Early nutrition and immune development
This theme of work originated over a decade ago in our novel observation that season of birth in rural Gambia strongly predicts adult mortality from infection-relation causes. Work that followed included a series of studies to test the hypothesis that malnutrition at critical periods of immune development may have long-lasting consequences on functional immunity, and to explore the underlying biological mechanism(s). Early studies on immune ‘programming’ were primarily observational in nature, using either prospective birth studies or longitudinal follow up of historical cohorts with birth records available. We have now moved beyond these observational studies to proof-of-concept trials, testing direct links between nutritional exposures and immune outcomes.
Selected ongoing studies:
- A randomised trial to investigate the effects of pre-natal and in infancy nutritional supplementation on infant immune development in rural Gambia (The ENID Trial: Early Nutrition and Immune Development). ISRCTN49285450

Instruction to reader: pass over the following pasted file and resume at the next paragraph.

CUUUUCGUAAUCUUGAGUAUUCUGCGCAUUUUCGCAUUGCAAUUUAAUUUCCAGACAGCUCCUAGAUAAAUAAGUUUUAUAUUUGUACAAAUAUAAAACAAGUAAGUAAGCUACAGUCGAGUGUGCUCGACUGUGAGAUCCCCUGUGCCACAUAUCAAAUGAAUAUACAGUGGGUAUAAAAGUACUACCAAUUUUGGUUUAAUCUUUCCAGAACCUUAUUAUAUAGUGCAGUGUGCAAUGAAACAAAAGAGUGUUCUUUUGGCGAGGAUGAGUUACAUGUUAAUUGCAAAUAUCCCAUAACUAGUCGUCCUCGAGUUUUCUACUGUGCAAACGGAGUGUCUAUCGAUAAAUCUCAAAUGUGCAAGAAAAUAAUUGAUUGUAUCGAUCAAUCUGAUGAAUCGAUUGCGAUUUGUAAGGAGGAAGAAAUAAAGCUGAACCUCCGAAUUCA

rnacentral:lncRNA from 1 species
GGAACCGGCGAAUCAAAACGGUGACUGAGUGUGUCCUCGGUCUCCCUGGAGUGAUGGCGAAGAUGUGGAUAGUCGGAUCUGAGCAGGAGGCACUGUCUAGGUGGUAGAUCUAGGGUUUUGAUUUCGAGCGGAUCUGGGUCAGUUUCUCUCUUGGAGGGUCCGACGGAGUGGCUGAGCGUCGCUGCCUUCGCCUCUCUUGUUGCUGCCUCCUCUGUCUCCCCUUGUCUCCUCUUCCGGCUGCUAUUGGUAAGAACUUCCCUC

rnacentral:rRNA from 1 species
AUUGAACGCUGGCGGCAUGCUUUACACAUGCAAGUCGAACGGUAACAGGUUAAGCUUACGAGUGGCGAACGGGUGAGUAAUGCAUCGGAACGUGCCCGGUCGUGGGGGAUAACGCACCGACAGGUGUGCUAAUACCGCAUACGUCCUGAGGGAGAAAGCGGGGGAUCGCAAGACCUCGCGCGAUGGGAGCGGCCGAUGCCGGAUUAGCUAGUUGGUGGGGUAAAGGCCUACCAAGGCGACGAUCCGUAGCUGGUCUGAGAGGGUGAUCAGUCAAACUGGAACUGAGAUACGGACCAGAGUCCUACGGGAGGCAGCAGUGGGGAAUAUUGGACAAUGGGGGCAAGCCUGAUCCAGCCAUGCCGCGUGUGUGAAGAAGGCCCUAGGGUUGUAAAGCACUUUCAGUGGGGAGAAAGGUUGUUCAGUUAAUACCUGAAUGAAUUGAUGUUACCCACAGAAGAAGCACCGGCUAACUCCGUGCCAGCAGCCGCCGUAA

- A Randomized Controlled Trial in Human Neonates to Determine the Effect of Vitamin A Supplementation on Immune Responses (The neonatal Vitamin A Study ‘NNVAS’) NCT01476358
- Impact of fetal/post-natal undernutrition on thymic development and the post-natal maturation and homeostasis of naïve T-cells and B-cells
- Nutrition-vaccine interactions
- Natural Killer cells as effectors of vaccine-induced immunity